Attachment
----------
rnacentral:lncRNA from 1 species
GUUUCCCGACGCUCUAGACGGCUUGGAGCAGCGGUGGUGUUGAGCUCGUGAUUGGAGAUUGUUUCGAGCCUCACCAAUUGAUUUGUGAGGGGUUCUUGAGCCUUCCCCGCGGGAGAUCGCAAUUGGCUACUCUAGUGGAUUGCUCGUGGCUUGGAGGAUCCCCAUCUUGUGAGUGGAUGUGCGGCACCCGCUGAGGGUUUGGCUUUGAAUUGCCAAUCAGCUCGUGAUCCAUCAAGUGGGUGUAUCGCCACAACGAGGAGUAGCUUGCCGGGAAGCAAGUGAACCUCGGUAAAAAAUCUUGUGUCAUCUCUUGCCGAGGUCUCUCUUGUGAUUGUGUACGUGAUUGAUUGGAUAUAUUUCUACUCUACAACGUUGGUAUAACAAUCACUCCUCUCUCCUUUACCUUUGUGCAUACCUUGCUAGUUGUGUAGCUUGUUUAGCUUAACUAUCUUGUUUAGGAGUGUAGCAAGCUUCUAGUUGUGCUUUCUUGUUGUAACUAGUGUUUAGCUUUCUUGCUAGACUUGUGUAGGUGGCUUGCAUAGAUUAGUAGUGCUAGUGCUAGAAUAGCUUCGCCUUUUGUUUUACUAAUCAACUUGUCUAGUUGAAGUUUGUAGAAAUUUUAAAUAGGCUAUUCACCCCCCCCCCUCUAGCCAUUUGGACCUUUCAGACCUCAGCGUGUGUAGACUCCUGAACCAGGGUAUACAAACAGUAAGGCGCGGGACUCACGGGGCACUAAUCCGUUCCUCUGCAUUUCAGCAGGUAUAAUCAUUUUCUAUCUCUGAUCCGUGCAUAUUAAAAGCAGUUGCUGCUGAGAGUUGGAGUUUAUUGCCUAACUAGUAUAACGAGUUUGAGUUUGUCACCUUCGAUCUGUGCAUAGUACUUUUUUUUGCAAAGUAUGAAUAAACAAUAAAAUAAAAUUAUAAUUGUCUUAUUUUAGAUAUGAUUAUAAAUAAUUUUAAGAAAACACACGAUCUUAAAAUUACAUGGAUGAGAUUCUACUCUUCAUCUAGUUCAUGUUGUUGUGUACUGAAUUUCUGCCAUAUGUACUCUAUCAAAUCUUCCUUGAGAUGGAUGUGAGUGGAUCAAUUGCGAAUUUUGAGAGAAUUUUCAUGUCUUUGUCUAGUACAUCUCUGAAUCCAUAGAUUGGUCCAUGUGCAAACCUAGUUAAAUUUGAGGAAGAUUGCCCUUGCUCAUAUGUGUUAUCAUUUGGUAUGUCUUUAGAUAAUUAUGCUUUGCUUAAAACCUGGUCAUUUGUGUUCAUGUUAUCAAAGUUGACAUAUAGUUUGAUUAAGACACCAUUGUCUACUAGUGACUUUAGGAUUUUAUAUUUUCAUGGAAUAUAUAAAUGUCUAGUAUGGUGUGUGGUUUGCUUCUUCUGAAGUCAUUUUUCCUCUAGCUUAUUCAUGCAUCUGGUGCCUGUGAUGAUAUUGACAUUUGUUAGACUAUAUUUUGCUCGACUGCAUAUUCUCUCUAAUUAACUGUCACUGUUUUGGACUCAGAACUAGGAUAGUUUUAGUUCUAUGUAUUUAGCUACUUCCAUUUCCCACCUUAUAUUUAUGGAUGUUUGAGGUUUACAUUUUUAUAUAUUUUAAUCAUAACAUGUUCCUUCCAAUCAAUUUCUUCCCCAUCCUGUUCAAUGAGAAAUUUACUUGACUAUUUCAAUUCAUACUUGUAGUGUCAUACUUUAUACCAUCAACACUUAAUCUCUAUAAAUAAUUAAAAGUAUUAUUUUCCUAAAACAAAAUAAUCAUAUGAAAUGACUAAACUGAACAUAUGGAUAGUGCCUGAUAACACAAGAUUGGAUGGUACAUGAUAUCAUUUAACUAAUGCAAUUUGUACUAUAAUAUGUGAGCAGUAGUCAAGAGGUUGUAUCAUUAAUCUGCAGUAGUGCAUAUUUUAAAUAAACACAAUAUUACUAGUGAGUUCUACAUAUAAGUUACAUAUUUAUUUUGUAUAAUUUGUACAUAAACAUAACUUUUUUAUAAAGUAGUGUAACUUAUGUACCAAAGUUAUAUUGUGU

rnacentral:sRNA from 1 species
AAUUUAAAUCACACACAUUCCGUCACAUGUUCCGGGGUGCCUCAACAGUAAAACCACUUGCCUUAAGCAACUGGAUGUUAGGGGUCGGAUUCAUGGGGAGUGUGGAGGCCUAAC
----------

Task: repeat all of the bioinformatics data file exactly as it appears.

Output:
rnacentral:lncRNA from 1 species
GUUUCCCGACGCUCUAGACGGCUUGGAGCAGCGGUGGUGUUGAGCUCGUGAUUGGAGAUUGUUUCGAGCCUCACCAAUUGAUUUGUGAGGGGUUCUUGAGCCUUCCCCGCGGGAGAUCGCAAUUGGCUACUCUAGUGGAUUGCUCGUGGCUUGGAGGAUCCCCAUCUUGUGAGUGGAUGUGCGGCACCCGCUGAGGGUUUGGCUUUGAAUUGCCAAUCAGCUCGUGAUCCAUCAAGUGGGUGUAUCGCCACAACGAGGAGUAGCUUGCCGGGAAGCAAGUGAACCUCGGUAAAAAAUCUUGUGUCAUCUCUUGCCGAGGUCUCUCUUGUGAUUGUGUACGUGAUUGAUUGGAUAUAUUUCUACUCUACAACGUUGGUAUAACAAUCACUCCUCUCUCCUUUACCUUUGUGCAUACCUUGCUAGUUGUGUAGCUUGUUUAGCUUAACUAUCUUGUUUAGGAGUGUAGCAAGCUUCUAGUUGUGCUUUCUUGUUGUAACUAGUGUUUAGCUUUCUUGCUAGACUUGUGUAGGUGGCUUGCAUAGAUUAGUAGUGCUAGUGCUAGAAUAGCUUCGCCUUUUGUUUUACUAAUCAACUUGUCUAGUUGAAGUUUGUAGAAAUUUUAAAUAGGCUAUUCACCCCCCCCCCUCUAGCCAUUUGGACCUUUCAGACCUCAGCGUGUGUAGACUCCUGAACCAGGGUAUACAAACAGUAAGGCGCGGGACUCACGGGGCACUAAUCCGUUCCUCUGCAUUUCAGCAGGUAUAAUCAUUUUCUAUCUCUGAUCCGUGCAUAUUAAAAGCAGUUGCUGCUGAGAGUUGGAGUUUAUUGCCUAACUAGUAUAACGAGUUUGAGUUUGUCACCUUCGAUCUGUGCAUAGUACUUUUUUUUGCAAAGUAUGAAUAAACAAUAAAAUAAAAUUAUAAUUGUCUUAUUUUAGAUAUGAUUAUAAAUAAUUUUAAGAAAACACACGAUCUUAAAAUUACAUGGAUGAGAUUCUACUCUUCAUCUAGUUCAUGUUGUUGUGUACUGAAUUUCUGCCAUAUGUACUCUAUCAAAUCUUCCUUGAGAUGGAUGUGAGUGGAUCAAUUGCGAAUUUUGAGAGAAUUUUCAUGUCUUUGUCUAGUACAUCUCUGAAUCCAUAGAUUGGUCCAUGUGCAAACCUAGUUAAAUUUGAGGAAGAUUGCCCUUGCUCAUAUGUGUUAUCAUUUGGUAUGUCUUUAGAUAAUUAUGCUUUGCUUAAAACCUGGUCAUUUGUGUUCAUGUUAUCAAAGUUGACAUAUAGUUUGAUUAAGACACCAUUGUCUACUAGUGACUUUAGGAUUUUAUAUUUUCAUGGAAUAUAUAAAUGUCUAGUAUGGUGUGUGGUUUGCUUCUUCUGAAGUCAUUUUUCCUCUAGCUUAUUCAUGCAUCUGGUGCCUGUGAUGAUAUUGACAUUUGUUAGACUAUAUUUUGCUCGACUGCAUAUUCUCUCUAAUUAACUGUCACUGUUUUGGACUCAGAACUAGGAUAGUUUUAGUUCUAUGUAUUUAGCUACUUCCAUUUCCCACCUUAUAUUUAUGGAUGUUUGAGGUUUACAUUUUUAUAUAUUUUAAUCAUAACAUGUUCCUUCCAAUCAAUUUCUUCCCCAUCCUGUUCAAUGAGAAAUUUACUUGACUAUUUCAAUUCAUACUUGUAGUGUCAUACUUUAUACCAUCAACACUUAAUCUCUAUAAAUAAUUAAAAGUAUUAUUUUCCUAAAACAAAAUAAUCAUAUGAAAUGACUAAACUGAACAUAUGGAUAGUGCCUGAUAACACAAGAUUGGAUGGUACAUGAUAUCAUUUAACUAAUGCAAUUUGUACUAUAAUAUGUGAGCAGUAGUCAAGAGGUUGUAUCAUUAAUCUGCAGUAGUGCAUAUUUUAAAUAAACACAAUAUUACUAGUGAGUUCUACAUAUAAGUUACAUAUUUAUUUUGUAUAAUUUGUACAUAAACAUAACUUUUUUAUAAAGUAGUGUAACUUAUGUACCAAAGUUAUAUUGUGU

rnacentral:sRNA from 1 species
AAUUUAAAUCACACACAUUCCGUCACAUGUUCCGGGGUGCCUCAACAGUAAAACCACUUGCCUUAAGCAACUGGAUGUUAGGGGUCGGAUUCAUGGGGAGUGUGGAGGCCUAAC